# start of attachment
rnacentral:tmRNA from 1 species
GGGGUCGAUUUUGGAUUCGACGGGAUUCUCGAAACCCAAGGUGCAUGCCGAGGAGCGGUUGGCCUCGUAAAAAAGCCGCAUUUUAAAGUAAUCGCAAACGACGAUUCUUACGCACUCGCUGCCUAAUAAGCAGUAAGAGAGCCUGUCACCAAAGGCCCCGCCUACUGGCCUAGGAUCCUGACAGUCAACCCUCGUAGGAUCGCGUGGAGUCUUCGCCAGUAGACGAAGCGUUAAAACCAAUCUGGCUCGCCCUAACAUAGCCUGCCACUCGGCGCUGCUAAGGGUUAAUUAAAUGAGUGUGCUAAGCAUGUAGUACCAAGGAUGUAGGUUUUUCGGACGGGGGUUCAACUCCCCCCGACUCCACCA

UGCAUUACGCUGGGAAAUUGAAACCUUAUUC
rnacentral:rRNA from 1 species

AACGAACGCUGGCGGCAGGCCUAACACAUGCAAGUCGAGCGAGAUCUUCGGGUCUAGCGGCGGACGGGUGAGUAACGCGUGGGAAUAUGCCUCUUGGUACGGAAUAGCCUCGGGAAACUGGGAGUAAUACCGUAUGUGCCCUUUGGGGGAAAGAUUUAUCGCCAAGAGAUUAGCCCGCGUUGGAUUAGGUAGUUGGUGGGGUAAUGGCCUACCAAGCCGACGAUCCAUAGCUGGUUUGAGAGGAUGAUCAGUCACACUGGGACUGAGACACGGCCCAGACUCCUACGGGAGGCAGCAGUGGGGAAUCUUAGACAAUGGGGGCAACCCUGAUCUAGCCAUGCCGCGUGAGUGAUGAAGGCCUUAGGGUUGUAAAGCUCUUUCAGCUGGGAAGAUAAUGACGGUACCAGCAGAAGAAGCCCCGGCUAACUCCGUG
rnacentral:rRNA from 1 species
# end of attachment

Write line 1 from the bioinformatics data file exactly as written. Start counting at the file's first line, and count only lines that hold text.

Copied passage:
rnacentral:tmRNA from 1 species